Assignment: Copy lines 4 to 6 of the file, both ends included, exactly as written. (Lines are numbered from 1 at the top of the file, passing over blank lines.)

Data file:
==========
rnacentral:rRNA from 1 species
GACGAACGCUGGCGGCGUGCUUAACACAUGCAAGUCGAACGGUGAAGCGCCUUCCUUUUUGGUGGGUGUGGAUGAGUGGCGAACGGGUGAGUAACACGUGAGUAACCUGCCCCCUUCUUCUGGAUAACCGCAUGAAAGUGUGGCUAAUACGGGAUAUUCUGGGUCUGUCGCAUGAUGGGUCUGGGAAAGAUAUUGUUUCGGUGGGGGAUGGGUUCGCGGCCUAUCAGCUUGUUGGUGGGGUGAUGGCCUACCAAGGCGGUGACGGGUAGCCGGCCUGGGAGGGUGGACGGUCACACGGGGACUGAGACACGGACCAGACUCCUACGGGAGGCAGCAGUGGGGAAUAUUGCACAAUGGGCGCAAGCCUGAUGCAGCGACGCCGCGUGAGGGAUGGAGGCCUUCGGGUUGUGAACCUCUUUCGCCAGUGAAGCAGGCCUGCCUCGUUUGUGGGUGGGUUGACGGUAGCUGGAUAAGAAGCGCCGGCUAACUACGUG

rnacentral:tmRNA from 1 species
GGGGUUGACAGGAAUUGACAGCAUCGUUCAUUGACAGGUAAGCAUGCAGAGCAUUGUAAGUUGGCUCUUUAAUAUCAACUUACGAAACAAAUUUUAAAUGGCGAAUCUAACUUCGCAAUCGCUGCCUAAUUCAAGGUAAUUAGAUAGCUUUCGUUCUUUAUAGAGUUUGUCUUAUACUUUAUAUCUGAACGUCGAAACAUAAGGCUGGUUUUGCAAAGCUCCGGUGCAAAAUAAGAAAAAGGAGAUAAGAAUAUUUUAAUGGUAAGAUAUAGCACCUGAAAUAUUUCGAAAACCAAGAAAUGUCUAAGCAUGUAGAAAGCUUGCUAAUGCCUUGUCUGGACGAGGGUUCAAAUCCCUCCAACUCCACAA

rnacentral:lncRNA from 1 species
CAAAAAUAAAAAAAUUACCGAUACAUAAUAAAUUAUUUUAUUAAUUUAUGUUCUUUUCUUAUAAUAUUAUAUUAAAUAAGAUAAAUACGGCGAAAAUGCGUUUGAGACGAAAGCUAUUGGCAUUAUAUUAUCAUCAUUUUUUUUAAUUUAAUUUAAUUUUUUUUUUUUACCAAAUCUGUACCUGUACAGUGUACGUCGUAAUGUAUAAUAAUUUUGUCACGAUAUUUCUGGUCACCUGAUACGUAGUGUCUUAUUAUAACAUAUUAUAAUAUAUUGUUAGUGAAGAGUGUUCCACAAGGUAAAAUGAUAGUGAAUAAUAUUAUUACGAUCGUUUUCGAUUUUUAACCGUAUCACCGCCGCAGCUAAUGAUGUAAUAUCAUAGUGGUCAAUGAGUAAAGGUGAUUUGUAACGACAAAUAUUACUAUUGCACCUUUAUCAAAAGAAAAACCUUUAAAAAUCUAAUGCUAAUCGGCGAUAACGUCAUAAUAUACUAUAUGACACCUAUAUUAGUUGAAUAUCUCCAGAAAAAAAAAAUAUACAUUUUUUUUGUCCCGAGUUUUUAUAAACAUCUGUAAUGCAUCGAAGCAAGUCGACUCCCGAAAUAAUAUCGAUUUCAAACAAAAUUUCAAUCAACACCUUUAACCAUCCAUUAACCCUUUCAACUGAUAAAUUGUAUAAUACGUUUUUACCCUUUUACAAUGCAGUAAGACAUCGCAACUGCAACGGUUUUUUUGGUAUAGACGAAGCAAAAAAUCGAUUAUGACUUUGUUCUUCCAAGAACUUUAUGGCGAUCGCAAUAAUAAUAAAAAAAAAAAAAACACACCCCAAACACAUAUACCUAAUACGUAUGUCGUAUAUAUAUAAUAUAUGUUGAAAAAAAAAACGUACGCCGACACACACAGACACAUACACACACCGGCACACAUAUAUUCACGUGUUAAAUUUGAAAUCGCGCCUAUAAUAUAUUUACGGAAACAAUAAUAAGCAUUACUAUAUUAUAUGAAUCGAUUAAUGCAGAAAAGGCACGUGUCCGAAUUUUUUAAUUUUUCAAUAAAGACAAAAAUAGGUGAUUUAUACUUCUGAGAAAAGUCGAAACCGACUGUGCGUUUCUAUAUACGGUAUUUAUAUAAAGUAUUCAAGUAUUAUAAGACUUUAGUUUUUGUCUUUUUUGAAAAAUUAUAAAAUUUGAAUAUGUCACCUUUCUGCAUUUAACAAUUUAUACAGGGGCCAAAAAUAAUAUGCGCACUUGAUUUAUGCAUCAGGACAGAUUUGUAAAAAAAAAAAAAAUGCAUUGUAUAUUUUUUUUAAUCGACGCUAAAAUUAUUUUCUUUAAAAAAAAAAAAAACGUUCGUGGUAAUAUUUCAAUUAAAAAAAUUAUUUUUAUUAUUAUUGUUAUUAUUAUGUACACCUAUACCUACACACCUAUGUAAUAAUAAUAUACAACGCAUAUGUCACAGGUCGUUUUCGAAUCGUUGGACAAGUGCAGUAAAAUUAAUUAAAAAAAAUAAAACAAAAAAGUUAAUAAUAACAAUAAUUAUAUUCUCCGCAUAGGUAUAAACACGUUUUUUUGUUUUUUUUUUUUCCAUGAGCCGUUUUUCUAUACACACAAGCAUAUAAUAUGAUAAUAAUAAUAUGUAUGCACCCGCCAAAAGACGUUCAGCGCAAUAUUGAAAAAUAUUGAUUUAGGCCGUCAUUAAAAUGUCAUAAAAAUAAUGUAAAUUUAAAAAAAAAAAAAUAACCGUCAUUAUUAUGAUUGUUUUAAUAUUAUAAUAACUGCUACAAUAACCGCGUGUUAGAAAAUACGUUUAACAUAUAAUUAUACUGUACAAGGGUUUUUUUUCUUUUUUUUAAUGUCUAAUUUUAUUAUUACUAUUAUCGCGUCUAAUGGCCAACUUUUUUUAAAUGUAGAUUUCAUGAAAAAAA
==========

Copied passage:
GGGGUUGACAGGAAUUGACAGCAUCGUUCAUUGACAGGUAAGCAUGCAGAGCAUUGUAAGUUGGCUCUUUAAUAUCAACUUACGAAACAAAUUUUAAAUGGCGAAUCUAACUUCGCAAUCGCUGCCUAAUUCAAGGUAAUUAGAUAGCUUUCGUUCUUUAUAGAGUUUGUCUUAUACUUUAUAUCUGAACGUCGAAACAUAAGGCUGGUUUUGCAAAGCUCCGGUGCAAAAUAAGAAAAAGGAGAUAAGAAUAUUUUAAUGGUAAGAUAUAGCACCUGAAAUAUUUCGAAAACCAAGAAAUGUCUAAGCAUGUAGAAAGCUUGCUAAUGCCUUGUCUGGACGAGGGUUCAAAUCCCUCCAACUCCACAA

rnacentral:lncRNA from 1 species
CAAAAAUAAAAAAAUUACCGAUACAUAAUAAAUUAUUUUAUUAAUUUAUGUUCUUUUCUUAUAAUAUUAUAUUAAAUAAGAUAAAUACGGCGAAAAUGCGUUUGAGACGAAAGCUAUUGGCAUUAUAUUAUCAUCAUUUUUUUUAAUUUAAUUUAAUUUUUUUUUUUUACCAAAUCUGUACCUGUACAGUGUACGUCGUAAUGUAUAAUAAUUUUGUCACGAUAUUUCUGGUCACCUGAUACGUAGUGUCUUAUUAUAACAUAUUAUAAUAUAUUGUUAGUGAAGAGUGUUCCACAAGGUAAAAUGAUAGUGAAUAAUAUUAUUACGAUCGUUUUCGAUUUUUAACCGUAUCACCGCCGCAGCUAAUGAUGUAAUAUCAUAGUGGUCAAUGAGUAAAGGUGAUUUGUAACGACAAAUAUUACUAUUGCACCUUUAUCAAAAGAAAAACCUUUAAAAAUCUAAUGCUAAUCGGCGAUAACGUCAUAAUAUACUAUAUGACACCUAUAUUAGUUGAAUAUCUCCAGAAAAAAAAAAUAUACAUUUUUUUUGUCCCGAGUUUUUAUAAACAUCUGUAAUGCAUCGAAGCAAGUCGACUCCCGAAAUAAUAUCGAUUUCAAACAAAAUUUCAAUCAACACCUUUAACCAUCCAUUAACCCUUUCAACUGAUAAAUUGUAUAAUACGUUUUUACCCUUUUACAAUGCAGUAAGACAUCGCAACUGCAACGGUUUUUUUGGUAUAGACGAAGCAAAAAAUCGAUUAUGACUUUGUUCUUCCAAGAACUUUAUGGCGAUCGCAAUAAUAAUAAAAAAAAAAAAAACACACCCCAAACACAUAUACCUAAUACGUAUGUCGUAUAUAUAUAAUAUAUGUUGAAAAAAAAAACGUACGCCGACACACACAGACACAUACACACACCGGCACACAUAUAUUCACGUGUUAAAUUUGAAAUCGCGCCUAUAAUAUAUUUACGGAAACAAUAAUAAGCAUUACUAUAUUAUAUGAAUCGAUUAAUGCAGAAAAGGCACGUGUCCGAAUUUUUUAAUUUUUCAAUAAAGACAAAAAUAGGUGAUUUAUACUUCUGAGAAAAGUCGAAACCGACUGUGCGUUUCUAUAUACGGUAUUUAUAUAAAGUAUUCAAGUAUUAUAAGACUUUAGUUUUUGUCUUUUUUGAAAAAUUAUAAAAUUUGAAUAUGUCACCUUUCUGCAUUUAACAAUUUAUACAGGGGCCAAAAAUAAUAUGCGCACUUGAUUUAUGCAUCAGGACAGAUUUGUAAAAAAAAAAAAAAUGCAUUGUAUAUUUUUUUUAAUCGACGCUAAAAUUAUUUUCUUUAAAAAAAAAAAAAACGUUCGUGGUAAUAUUUCAAUUAAAAAAAUUAUUUUUAUUAUUAUUGUUAUUAUUAUGUACACCUAUACCUACACACCUAUGUAAUAAUAAUAUACAACGCAUAUGUCACAGGUCGUUUUCGAAUCGUUGGACAAGUGCAGUAAAAUUAAUUAAAAAAAAUAAAACAAAAAAGUUAAUAAUAACAAUAAUUAUAUUCUCCGCAUAGGUAUAAACACGUUUUUUUGUUUUUUUUUUUUCCAUGAGCCGUUUUUCUAUACACACAAGCAUAUAAUAUGAUAAUAAUAAUAUGUAUGCACCCGCCAAAAGACGUUCAGCGCAAUAUUGAAAAAUAUUGAUUUAGGCCGUCAUUAAAAUGUCAUAAAAAUAAUGUAAAUUUAAAAAAAAAAAAAUAACCGUCAUUAUUAUGAUUGUUUUAAUAUUAUAAUAACUGCUACAAUAACCGCGUGUUAGAAAAUACGUUUAACAUAUAAUUAUACUGUACAAGGGUUUUUUUUCUUUUUUUUAAUGUCUAAUUUUAUUAUUACUAUUAUCGCGUCUAAUGGCCAACUUUUUUUAAAUGUAGAUUUCAUGAAAAAAA